Why not sale pricing at dying restaurants?

Stores keep having closeout sales. Restaurants keep closing, but they never seem to have sales. Why not?

Menu items could be more heavily discounted as the sale progressed: 10 percent off, 20 percent, 30 percent.

You could make hard choices: “The BLT isn’t worth it at 40 percent off. But when the discount hits 50, I’m all over it.”

At a pizza parlor, pepperoni would be only 10 percent off, because everyone orders it anyway, while anchovies and black olives would be 90 percent off from day one.

The problem is that if you went in to one of these places on the last day, all you could get is stale bread, pepper and relish.

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  • Dee

    The BLT is always worth it!! :0

  • Linda Biscardi

    Well Dave there are a number of reasons food is not discounted in restaurants.

    First of all what is served in restaurants needs to be cleaned, prepped and cooked before you serve it. Labor costs to do this are fixed costs unless you start serving pre-cooked frozen meals. Other overhead costs include not just what all businesses pay but significantly higher electric bills (refrigeration) and gas bills (cooking equipment).

    All restaurants have a closing ritual which includes cleaning and sanitizing the premises and adds another couple of hours to your payroll. You can see that a bookstore can discount their inventory, which was simply unpacked and put on a shelf and is not perishable, by 40% and still make a decent profit. A restaurant cannot because we are not only dealing with just the cost of food which is perishable, we are dealing with much higher operating costs.

    Now I do agree that there are some restaurants who are overpriced and should reevaluate their menu pricing structure because they will not survive these hard times if they don’t. But these places are probably less than 2 years old and would have failed anyway because they are overpriced.

    My suggestion to restaurant operators during these difficult times is scale back your menu to make sure that everything is as fresh as it should be. Pay attention to every plate that comes out of your kitchen. Staff cutbacks often make quality suffer. Pay extra attention to service and take good care of everyone who walks in your door. When restaurants get slow the food can suffer greatly and that is the biggest nail in any restaurant’s coffin.

    [Thanks, Linda. And naturally I wasn't entirely serious about a liquidation sale at restaurants, especially because of food spoilage issues -- although I do wonder what happens to all the unsold food? -- DA]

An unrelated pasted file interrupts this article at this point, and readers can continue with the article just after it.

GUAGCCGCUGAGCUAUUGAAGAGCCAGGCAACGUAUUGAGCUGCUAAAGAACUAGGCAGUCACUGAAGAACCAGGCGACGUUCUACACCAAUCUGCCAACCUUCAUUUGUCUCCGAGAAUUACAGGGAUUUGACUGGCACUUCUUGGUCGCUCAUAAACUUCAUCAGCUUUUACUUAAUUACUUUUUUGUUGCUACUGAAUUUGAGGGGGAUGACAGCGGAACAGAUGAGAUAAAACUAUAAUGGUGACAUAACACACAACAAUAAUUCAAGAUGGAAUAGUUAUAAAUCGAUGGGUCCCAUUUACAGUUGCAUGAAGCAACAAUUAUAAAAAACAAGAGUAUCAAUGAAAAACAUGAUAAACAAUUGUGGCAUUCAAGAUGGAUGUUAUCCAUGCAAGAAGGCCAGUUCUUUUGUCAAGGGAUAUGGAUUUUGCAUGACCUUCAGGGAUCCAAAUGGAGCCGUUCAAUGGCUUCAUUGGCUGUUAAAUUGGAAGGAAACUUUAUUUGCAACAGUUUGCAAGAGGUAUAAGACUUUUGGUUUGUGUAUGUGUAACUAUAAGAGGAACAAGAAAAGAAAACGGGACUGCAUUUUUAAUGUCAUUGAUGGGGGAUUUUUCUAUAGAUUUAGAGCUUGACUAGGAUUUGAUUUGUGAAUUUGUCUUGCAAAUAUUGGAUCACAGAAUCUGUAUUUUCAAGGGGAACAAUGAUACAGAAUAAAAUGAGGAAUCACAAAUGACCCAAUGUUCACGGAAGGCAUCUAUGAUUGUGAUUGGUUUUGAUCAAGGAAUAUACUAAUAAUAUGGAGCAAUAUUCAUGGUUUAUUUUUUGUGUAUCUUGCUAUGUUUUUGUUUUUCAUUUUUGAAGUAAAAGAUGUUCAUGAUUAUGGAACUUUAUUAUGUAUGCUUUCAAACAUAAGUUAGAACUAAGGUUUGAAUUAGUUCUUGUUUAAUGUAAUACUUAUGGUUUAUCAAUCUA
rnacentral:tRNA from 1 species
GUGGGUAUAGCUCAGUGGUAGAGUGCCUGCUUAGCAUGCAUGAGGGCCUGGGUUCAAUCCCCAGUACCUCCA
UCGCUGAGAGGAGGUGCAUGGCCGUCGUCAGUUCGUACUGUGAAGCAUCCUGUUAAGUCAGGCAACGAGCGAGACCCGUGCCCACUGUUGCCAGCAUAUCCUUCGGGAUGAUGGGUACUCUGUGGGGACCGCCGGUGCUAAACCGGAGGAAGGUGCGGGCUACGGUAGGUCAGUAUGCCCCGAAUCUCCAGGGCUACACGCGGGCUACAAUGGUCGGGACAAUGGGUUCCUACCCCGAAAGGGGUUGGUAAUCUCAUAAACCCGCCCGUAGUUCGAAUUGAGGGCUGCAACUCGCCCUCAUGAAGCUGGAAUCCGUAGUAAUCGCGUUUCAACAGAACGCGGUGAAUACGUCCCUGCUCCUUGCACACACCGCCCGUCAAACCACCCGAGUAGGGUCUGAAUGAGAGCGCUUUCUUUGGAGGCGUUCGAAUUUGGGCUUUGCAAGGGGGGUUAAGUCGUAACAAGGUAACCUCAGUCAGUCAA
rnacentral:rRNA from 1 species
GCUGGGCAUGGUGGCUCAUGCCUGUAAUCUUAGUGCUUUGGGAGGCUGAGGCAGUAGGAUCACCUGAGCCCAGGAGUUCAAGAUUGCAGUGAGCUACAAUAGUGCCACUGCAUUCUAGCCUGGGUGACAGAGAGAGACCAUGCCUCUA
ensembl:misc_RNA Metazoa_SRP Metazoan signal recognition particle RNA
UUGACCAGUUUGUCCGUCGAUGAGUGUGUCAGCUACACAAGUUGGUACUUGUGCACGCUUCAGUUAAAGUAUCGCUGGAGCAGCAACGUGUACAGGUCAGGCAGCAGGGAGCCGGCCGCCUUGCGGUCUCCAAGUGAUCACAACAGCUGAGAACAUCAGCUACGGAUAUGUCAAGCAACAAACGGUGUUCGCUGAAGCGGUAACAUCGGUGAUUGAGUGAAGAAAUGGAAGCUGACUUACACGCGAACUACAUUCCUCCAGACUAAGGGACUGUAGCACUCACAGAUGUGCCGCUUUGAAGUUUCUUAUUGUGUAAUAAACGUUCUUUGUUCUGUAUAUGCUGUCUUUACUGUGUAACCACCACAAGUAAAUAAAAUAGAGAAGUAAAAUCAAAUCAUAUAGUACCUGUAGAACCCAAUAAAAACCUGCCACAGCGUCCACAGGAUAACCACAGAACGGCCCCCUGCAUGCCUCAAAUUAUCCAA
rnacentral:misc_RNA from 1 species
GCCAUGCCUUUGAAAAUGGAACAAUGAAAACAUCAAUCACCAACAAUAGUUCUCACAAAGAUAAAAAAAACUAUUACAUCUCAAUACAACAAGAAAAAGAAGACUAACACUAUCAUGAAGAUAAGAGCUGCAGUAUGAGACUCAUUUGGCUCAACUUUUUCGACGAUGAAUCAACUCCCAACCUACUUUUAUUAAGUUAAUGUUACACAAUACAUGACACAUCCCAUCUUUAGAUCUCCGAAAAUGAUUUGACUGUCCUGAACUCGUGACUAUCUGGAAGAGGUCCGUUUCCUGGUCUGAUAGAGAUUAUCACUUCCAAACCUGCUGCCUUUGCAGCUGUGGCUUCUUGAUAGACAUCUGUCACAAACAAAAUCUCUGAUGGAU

• Ramona

    Most businesses, including restaurants, can see the end of their world coming long before the decision is made to close the doors. Rather than prolong the inevitable, I wish restaurants would pick a day for closing their doors, gather up the edibles, and donate them to a homeless shelter somewhere. Write-off, anyone?

    [That is one thing about restaurant closures from a customer standpoint: They're very abrupt. You only hear about them if you happen in on the last day and they mention it. They never say, "We're closing in two weeks." -- DA]

  • Linda Biscardi

    Hi Dave…I do realize your blog post was tongue in cheek but as I laid out restaurants do have a unique perspective and set of situations. I think most restaurants do not announce closings ahead of time because especially in a mom and pop operation…it is so devastating and you are always hoping things will turn around…even up until the last minute.

    Food that is not fresh has to be thrown out…that’s it…tossed in the trash can. That is why scaling back the number of items on a menu when things are slow everywhere makes so much sense. You and your customers are assured that everything you are serving them is fresh and you are less likely to be forced to throw your profits in the trash. These are times that require new thinking…one thing that never changes though is your food has to be worth the price the customer is paying you for it.

    There are health codes that will not allow you to donate food unfit to be served in your restaurant. It is a catch-22. Think about it…if it is not fit to be served should it be fit to give away? I am not commenting on the logic or illogic of that, just stating the Health Department’s stance on it.

    I remember back in the ’80s in the Reagan years I saw dumpster diving for the first time in my dumpster at La Piccoletta. I also never turned away anyone who came to my door looking for food…but I gave them the same food I served my customers.

    [Thanks for the amplification, Linda. -- DA]

  • Scott in R.C.

    Always good to have comments run two to three times longer than the actual story.

    BTW-Have you heard anything about King’s Fish possibly closing?

    Thanks!

    [Rex Gutierrez's blog mentions a "rumor" that King's is in trouble. Hope they make it; it's a quality place. It's at Victoria Gardens, for anyone curious. -- DA]

  • c warden

    Well Dave if you can imagine working your ass off, paying all your purveyors on a timely basis, not spending anywhere near extravagantly, watching every 5 and 10, and still seeing your future $100,000.00 in debt if you lock the door and throw away the key, you might be able to understand why there’s no discount (by the way, I haven’t taken a payroll check for 8 months and at the age of 56, I can’t do $100,00.00 in creditors). So you persevere, use your mojo and truly hope someone will love this place as much as I do, and buy it!